"Live as though Christ died yesterday, arose this morning, and is coming back tomorrow."


          • #6
            Those are some great puzzle cuttings.
            You have some great ideas.

            It's all fun
            Craftsman 18"
            Delta 46-460 lathe



            • #7
              Nice job Well done
              The Journey Is Everything.


              My Google+


              • #8
                very nice job......the more you cut the better you get!!.....keep posting those puzzle pics...

                "The Journey is the Reward"


                • #9
                  Welcome to the puzzlin' club, "Sham"!

                  I think you'll find jigsaw puzzle cutting a very fun and rewarding hobby. Stick with it, and you'll find your cuts getting smoother and smoother, and you'll find yourself enjoying new experimentations.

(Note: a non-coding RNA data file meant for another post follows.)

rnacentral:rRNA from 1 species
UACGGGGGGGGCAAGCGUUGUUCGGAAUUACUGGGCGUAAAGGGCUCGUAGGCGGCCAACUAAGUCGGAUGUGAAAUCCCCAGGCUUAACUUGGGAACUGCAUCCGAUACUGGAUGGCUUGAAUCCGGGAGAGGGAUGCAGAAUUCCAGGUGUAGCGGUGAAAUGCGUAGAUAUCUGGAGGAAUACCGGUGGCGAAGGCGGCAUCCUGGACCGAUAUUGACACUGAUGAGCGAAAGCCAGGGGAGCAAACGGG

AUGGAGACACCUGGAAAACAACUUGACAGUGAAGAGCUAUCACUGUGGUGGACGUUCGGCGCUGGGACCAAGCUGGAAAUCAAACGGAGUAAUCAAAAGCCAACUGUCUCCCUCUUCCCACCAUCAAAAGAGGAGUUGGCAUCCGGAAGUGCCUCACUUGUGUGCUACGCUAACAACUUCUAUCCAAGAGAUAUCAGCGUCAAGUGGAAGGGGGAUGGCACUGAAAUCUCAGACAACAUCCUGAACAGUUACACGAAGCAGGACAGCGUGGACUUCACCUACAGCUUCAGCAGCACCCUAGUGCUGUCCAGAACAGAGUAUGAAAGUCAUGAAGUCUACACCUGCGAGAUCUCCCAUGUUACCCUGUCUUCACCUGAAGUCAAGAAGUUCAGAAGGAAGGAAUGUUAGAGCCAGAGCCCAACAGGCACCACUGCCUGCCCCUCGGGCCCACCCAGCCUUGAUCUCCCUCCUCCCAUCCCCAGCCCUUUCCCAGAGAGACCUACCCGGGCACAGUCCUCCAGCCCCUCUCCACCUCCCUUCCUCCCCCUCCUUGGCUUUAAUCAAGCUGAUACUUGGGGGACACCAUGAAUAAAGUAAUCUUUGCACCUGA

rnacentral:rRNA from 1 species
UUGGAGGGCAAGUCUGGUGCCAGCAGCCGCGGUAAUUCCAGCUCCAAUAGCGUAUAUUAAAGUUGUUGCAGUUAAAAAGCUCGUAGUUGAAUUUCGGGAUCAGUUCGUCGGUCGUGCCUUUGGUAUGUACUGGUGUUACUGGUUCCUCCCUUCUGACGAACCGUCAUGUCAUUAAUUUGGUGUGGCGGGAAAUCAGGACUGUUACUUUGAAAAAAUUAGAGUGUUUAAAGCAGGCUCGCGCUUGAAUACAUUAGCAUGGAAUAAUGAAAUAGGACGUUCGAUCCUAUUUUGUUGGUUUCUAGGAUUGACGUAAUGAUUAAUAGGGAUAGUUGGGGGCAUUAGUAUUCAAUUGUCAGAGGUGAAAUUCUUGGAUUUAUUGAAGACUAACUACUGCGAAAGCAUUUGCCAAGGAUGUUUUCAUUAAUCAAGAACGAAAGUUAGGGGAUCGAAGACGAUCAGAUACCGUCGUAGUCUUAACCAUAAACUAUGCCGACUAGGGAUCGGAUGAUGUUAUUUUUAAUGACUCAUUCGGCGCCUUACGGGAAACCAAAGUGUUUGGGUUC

I noticed that both of the puzzles displayed have a similar "swirl" type area of pieces. Stuff like that is fun to do, and helps to add interest to the puzzles, I think.

                  Great job!
                  Shawn Ferguson

                  Come visit at The Ferguson Puzzle Company !


                  • #10
                    Very nice. This forum is full of ideas. So many I don't think I will get to try more than a small number of them. Nevertheless, it is always great to see what others do whether I am able to do something similar or not. Keep posting your work.


                    • #11